D's "thesis" such as it is, is that they used a form of naturally disintegrated clay-like lime that occurs in eroded areas of the mokattam unit, the same stuff they were supposedly shoveling wheelbarrow loads of nummulites out of and back into.

Edited by Oniomancer

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Hanslune
1 hour ago, razman said:

just sayin , you would think one of their greatest (if not the greatest) achievements would be recorded.

It might have been on the Mortuary or Valley temple which was destroyed and its stones reused. Most great monuments from the ancient world have no record of being built. The first building plans that survive are from the 9th century AD.

"The Plan of St. Gall, is one of the oldest known surviving architectural plans. Some historians consider this 9th century drawing as the very beginning of the history of blueprints. Mysteriously, the monastery depicted in the drawing was never actually built."
http://www.stgallplan.org/en/index_plan.html

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Piney
1 hour ago, Oniomancer said:

 naturally disintegrated clay-like lime

Isn't that called a "marl"? 

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Oniomancer
1 hour ago, Piney said:

Isn't that called a "marl"? 

Marl usually refers to lime deposits that build up in ponds, etc. in the same manner as bog iron.  The term probably still fits but this is stuff that's an erosion product instead of laid down by sedimentation.

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Piney
4 minutes ago, Oniomancer said:

Marl usually refers to lime deposits that build up in ponds, etc. in the same manner as bog iron.  The term probably still fits but this is stuff that's an erosion product instead of laid down by sedimentation.

Bog iron can be laid down by erosion too. It happens in the acidic, iron laden sands on pine barren "islands". There will be a chunk of ironstone at the botton of a hill.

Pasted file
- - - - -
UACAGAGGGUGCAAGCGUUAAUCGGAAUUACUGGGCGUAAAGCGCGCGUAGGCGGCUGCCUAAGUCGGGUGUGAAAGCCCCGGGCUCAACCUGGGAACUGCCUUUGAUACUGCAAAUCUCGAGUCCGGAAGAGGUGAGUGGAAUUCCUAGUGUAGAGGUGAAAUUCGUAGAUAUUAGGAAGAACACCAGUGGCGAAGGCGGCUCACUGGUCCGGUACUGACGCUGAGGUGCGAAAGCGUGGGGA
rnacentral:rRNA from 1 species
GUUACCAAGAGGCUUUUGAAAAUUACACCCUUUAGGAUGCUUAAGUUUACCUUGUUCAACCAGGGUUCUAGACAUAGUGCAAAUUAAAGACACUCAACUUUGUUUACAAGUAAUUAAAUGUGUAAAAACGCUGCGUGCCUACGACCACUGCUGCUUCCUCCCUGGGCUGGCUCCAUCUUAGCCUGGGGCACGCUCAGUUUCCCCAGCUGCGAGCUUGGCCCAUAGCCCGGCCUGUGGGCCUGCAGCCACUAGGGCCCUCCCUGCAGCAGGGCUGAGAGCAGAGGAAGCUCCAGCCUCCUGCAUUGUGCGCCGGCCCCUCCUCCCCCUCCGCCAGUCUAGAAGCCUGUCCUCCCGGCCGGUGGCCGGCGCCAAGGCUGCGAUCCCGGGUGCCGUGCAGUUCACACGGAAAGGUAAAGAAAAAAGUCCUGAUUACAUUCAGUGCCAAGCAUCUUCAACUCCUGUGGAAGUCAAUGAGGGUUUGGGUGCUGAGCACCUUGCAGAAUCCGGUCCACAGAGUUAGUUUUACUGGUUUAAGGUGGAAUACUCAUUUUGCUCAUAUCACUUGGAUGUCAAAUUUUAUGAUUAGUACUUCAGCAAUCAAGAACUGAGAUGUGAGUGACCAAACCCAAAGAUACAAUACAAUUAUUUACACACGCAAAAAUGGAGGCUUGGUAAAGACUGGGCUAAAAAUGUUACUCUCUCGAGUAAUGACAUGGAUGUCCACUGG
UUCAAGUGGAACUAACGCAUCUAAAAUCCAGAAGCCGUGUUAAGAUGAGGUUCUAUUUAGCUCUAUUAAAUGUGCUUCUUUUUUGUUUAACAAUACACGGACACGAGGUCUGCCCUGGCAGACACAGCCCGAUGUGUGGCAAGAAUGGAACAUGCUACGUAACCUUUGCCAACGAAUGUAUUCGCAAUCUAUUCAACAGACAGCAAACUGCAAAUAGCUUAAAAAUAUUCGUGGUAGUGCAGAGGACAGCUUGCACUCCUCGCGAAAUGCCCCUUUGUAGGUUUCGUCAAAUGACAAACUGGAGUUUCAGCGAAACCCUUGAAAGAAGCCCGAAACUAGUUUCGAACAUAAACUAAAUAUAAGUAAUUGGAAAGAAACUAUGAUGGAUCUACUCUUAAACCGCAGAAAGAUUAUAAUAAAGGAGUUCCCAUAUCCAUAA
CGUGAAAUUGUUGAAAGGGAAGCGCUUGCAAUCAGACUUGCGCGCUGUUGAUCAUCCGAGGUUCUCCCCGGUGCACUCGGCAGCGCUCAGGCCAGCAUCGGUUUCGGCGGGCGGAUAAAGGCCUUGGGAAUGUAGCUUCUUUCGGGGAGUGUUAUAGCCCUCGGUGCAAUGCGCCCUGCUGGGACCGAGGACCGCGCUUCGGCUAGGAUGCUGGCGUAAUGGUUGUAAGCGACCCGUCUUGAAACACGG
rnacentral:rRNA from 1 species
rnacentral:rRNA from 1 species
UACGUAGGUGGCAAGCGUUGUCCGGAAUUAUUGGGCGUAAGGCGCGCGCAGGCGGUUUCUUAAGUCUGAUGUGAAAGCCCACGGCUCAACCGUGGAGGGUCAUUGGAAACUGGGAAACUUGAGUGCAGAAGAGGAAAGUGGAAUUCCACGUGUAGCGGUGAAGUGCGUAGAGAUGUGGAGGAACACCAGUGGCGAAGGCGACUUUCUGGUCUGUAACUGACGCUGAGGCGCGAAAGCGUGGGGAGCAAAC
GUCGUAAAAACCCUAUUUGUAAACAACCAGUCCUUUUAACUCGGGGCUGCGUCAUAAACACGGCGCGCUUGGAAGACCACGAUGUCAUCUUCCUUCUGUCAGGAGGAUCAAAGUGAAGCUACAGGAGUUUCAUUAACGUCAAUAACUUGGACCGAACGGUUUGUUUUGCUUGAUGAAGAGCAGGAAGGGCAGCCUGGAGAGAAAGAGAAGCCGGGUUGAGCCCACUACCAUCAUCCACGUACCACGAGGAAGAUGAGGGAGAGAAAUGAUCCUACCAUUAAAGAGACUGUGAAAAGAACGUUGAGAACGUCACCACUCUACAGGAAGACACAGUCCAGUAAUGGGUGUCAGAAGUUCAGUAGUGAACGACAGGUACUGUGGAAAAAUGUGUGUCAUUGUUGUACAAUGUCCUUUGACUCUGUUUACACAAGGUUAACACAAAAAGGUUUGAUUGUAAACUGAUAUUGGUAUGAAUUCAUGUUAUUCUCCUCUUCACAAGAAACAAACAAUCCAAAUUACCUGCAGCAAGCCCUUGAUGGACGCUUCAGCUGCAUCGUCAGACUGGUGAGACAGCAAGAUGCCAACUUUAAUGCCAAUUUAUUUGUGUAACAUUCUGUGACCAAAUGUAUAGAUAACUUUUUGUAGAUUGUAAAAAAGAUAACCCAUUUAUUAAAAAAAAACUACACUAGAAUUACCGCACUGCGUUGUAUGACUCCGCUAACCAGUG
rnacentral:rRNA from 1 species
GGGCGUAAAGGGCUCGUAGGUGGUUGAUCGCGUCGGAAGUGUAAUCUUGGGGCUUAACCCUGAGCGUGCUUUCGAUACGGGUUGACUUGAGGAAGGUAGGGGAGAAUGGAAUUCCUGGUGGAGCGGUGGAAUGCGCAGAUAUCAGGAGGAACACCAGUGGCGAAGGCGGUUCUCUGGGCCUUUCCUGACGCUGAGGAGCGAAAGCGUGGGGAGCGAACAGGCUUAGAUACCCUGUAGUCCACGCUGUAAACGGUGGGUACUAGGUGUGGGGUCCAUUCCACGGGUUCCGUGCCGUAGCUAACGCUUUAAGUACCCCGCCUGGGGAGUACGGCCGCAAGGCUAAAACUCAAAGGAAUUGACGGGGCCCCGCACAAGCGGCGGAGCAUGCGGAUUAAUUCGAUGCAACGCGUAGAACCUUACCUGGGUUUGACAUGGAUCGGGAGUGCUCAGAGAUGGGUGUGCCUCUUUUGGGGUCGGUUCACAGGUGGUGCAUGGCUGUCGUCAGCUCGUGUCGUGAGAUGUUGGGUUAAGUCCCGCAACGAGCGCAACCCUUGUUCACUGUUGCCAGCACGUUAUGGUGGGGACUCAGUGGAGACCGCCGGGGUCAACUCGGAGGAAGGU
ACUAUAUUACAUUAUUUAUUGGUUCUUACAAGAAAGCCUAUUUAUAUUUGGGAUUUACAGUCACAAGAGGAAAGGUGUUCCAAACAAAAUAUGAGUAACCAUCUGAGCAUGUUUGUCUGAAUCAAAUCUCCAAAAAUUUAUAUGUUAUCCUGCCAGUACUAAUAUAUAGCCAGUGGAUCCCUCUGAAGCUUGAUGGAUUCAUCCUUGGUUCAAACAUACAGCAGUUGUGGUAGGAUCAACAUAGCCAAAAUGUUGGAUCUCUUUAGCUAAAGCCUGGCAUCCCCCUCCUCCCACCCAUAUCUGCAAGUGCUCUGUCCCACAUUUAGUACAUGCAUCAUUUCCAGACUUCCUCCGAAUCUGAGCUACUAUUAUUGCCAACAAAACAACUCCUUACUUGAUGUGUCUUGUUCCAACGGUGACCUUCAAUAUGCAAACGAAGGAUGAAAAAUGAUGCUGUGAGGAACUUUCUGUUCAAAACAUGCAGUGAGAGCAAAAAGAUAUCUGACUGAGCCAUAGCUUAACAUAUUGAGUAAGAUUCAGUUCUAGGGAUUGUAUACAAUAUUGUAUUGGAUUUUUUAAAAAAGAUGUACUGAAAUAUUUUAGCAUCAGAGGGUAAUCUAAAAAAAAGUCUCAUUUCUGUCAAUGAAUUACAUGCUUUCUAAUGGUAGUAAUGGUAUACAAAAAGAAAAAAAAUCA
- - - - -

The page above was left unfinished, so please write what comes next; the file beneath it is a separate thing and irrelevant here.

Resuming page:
The Cretaceous and Triassic marls here were laid down by the ocean. They are either white or green.

I've pulled mosasaur, giant turtle bones, sharks coprolites , teeth and pertrified chunks of a species of juniper out of the Cretaceous green ones here and Rowan University just helped preserve a huge Cretaceous marl bed just up the highway.

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WVK

"The great Egyptian pyramids present one of the greatest mysteries of mankind. Despite continuous scientific investigations, these monuments of antiquity still hide many secrets. Unresolved remains the question regarding the material and building technology of the pyramids. There are two opposing views."

https://www.europhysicsnews.org/articles/epn/pdf/2012/06/epn2012436p28.pdf

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WVK

Gathering 'concrete' evidence, MIT class explores controversial pyramid theory with scale model

Contentious subject

In fact, the very idea has been so controversial that "you can't get research funding, and it's difficult to get a paper through peer review," says Linn Hobbs, professor of materials science and engineering and professor of nuclear science and engineering at MIT and coteacher of the pyramid-building class.

http://news.mit.edu/2008/gathering-concrete-evidence

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Kenemet
4 hours ago, Oniomancer said: